Magazine article U.S. Catholic

Light Your Way to Christmas

Magazine article U.S. Catholic

Light Your Way to Christmas

Article excerpt

Even though I grew up catholic in the 1950s and '60s, I was only remotely familiar with the custom of the Advent wreath. One or two years during my childhood I remember my mother making an Advent wreath and placing it on our dining room table -- which was used only for special occasions -- and explaining it to me and my brothers and sisters. However, it just didn't catch on in my family.

When I was in college, students put up an Advent wreath in the seminary chapel, sometimes placing it on a table in the sanctuary or, stretching the wreath concept, laying it out across the sanctuary in a straight line in front of the altar. But it wasn't until I went to St. Meinrad School of Theology in Indiana and saw a huge wheel of fire suspended from the ceiling by the monks in St. Meinrad Archabbey Church that I understood the importance of the tradition.

The custom of making an Advent wreath is both new -- in terms of almost 2,000 years of church history -- and old, having been started in eastern Germany by Lutherans a few hundred years ago. The wreath's ancestors were most likely the religious fires kindled during late November and early December to brighten up the darkness of the short days of the year and to call back the sun's warmth and power to provide food and life.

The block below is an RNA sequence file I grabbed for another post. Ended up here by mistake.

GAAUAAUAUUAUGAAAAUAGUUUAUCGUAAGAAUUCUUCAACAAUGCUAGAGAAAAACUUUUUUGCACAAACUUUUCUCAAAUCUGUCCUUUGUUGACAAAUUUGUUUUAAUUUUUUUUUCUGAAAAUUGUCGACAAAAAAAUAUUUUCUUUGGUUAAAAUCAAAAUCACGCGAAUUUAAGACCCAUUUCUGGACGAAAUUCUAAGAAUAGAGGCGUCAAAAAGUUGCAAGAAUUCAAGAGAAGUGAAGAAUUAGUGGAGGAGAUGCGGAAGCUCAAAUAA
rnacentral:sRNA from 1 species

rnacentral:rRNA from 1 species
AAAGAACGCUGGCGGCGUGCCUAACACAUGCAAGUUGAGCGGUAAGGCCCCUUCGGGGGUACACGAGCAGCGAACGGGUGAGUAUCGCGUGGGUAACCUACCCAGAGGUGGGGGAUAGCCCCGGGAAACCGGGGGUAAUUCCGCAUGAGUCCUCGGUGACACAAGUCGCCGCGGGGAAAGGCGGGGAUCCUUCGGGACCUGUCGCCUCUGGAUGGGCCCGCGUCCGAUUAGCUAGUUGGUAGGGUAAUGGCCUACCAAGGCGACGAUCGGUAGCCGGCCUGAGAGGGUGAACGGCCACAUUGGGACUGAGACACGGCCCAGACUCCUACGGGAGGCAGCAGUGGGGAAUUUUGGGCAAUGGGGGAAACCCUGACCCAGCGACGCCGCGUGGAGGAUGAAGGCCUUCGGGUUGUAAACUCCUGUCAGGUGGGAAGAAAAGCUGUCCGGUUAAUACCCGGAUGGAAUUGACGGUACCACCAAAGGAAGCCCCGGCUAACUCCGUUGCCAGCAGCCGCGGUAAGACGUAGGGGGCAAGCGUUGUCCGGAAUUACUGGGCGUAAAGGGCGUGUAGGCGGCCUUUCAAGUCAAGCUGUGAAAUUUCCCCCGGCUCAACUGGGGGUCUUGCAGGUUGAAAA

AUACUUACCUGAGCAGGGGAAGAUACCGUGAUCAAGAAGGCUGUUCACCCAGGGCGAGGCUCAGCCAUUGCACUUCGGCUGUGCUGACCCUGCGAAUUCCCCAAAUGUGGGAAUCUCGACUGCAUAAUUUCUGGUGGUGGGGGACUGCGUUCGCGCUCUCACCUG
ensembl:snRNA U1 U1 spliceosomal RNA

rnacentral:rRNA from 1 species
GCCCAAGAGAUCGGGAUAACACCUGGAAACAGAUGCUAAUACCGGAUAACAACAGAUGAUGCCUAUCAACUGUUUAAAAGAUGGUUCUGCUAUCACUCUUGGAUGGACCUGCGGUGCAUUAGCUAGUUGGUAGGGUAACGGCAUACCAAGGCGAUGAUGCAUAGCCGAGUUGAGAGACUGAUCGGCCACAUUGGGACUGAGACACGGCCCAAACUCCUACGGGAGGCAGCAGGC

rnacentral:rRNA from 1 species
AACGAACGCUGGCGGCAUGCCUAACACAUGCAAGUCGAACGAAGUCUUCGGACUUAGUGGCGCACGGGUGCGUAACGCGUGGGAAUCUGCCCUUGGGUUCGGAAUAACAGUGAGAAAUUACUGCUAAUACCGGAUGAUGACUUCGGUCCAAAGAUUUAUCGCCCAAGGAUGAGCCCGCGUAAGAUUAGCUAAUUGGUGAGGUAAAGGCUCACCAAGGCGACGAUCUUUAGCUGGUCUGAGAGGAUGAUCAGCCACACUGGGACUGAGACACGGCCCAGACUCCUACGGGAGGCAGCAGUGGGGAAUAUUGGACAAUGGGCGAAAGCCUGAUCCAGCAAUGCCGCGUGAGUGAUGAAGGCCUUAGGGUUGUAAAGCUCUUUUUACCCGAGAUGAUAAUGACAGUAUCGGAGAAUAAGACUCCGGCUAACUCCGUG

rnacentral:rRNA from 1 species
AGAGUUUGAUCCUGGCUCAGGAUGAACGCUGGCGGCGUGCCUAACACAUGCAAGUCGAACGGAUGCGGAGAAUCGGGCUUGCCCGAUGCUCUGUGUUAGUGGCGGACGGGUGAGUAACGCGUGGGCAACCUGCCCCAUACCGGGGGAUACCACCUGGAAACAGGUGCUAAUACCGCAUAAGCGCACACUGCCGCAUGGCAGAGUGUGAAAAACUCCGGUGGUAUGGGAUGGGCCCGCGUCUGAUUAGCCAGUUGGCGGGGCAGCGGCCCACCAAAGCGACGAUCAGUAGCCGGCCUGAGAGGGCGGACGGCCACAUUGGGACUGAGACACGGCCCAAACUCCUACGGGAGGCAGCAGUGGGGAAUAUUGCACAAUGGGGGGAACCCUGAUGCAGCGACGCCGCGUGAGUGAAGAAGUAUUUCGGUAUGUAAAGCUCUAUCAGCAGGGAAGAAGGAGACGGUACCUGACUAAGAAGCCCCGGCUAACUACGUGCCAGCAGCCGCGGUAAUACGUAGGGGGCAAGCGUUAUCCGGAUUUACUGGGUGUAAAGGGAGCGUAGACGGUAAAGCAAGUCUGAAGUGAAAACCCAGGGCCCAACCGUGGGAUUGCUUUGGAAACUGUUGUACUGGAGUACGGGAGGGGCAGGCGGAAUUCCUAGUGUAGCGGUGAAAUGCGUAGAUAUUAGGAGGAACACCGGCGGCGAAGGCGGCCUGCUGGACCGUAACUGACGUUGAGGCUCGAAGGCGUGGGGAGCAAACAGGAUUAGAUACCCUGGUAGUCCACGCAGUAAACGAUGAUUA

By the 16th century, Christians had found a way to baptize the "old ways" and apply them directly to the season of Advent. Instead of lighting Yule fires in their hearths, four candles, suspended in a chandelier and representing the four Sundays of the Advent season, were kindled successively to mark simultaneously the passing of the weeks, the lighting of the darkness, and the preparation for the birth of the unconquerable Son. Around the four candles, traditionally three purple (for the first, second, and fourth Sundays) and one pink (for the third Sunday) -- the same colors as the Mass vestments -- was entwined a circle of evergreen, signifying the eternal life of God who sent the victorious light, Jesus, into the world.

Once the Advent wreath was firmly established in the home, it was only a matter of time until it made it into the home of the community -- the church building. As a young priest I had large Advent wreaths made for the parishes in which I served. …

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